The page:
Moving right along, our next stop is Mull, and the Tobermory Distillery. Mull, located to the north of Islay and Jura, is positively rife with folklore. From Lady’s Rock, to Fingal’s Table, to Tragedy Rock, to Peter Gibbs, most of Mull’s legends are related to murder and tragedy of epic proportions. Apparently, in 1558, Doideag, a witch from Mull, cast a spell which sank some of the Spanish Armada in Tobermory Harbor. Serious business. Don’t mess with the Muileach.
Mull – Great Island. Great Distillery. Great whisky
Moving right along to Arran and its great distillery of the same name. The original distillery opened in 1995 in Lochranza. Construction was delayed by a few months after a pair of Golden Eagles, a protected species, set up a nest on the property. In 2019, a second distillery opened in Lagg.
Arran, like most of the Scottish Islands, is full of interesting things. Holy Island, bought several years ago by Tibetan Monks, has rejuvenated ancient Celtic monasteries that have been in place since the 13th century. In fact, there is evidence of a hermit cave and a holy well from the 6th century that was used by St. Molaise.
The holy water from the main island, however, during the past 30 years, comes from the Arran Distillery, which produces whisky made from rain water which passes over six waterfalls before collecting in the Loch na Davie. Add to that, the legend of the White Stag (which rescued the children of Narnia), and you have a great whisky with a rich, albeit, short history.
Arran – Rich in history and great whisky
Lastly, and perhaps the most interesting of all, is the Isle of Jura. With a population of 200, its unofficial motto is ‘ one road, one pub, one distillery’. That pretty much sums it up. But what a distillery and what a history.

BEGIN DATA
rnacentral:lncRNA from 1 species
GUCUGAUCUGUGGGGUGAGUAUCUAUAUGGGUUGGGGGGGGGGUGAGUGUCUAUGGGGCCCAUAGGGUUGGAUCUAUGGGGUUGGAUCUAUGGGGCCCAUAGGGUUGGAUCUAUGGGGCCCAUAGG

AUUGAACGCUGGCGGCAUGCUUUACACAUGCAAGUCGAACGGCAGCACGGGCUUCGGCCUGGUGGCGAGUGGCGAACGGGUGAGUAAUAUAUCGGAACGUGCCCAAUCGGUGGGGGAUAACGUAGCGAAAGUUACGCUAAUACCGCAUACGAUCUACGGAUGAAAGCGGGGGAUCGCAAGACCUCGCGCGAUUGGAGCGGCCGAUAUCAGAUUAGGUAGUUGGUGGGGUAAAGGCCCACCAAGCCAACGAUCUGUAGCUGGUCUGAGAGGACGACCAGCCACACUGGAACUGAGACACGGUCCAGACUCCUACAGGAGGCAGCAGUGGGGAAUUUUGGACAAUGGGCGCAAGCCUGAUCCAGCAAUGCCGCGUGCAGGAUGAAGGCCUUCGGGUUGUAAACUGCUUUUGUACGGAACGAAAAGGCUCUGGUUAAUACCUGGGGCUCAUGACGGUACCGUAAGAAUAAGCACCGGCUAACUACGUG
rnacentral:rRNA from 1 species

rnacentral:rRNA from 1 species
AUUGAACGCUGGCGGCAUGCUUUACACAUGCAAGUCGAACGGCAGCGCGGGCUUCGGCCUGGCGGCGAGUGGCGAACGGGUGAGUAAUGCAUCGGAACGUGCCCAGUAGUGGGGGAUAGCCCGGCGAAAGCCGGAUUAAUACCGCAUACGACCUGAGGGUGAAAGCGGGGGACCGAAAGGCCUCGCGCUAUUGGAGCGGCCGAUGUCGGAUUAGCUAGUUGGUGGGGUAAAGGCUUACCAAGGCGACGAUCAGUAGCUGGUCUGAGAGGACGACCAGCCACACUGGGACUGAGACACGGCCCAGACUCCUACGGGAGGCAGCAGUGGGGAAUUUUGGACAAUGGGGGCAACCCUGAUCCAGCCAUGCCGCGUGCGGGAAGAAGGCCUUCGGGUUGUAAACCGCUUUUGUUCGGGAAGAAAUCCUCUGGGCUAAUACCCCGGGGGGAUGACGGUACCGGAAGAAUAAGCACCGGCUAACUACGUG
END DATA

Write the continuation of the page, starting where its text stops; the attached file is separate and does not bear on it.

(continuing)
Let’s start with George Orwell, whose real name was Eric Blair. For starters, he wrote most of his famous novel, Nineteen Eighty-Four, while living in a cottage on Jura. He nearly lost his life when trying to navigate the Gulf of Corryvreckin in a small boat with his son, his niece and his nephew. The boat overturned and the group was rescued by a nearby lobster fisherman. Sadly, he became ill from complications of tuberculosis and had to return to England for treatment. It seems fitting that Jura Distillers later named a whisky in his honor.
The Jura distillery, located at the south end of the island, has a climate so unique, that palm trees grow on the property. Founded on 1810 and rejuvenated in 1963 to its present form, this un-get-at-able place is a jewel of the Scottish Islands.
Jura – a great whisky lineup, a proud Orwellian history, and palm tress. Delightful.
That wraps up our Islands tour. And what a taste tempting tour it was. For dessert, I urge you to try whiskies from each of these great islands. Until next time, cheers!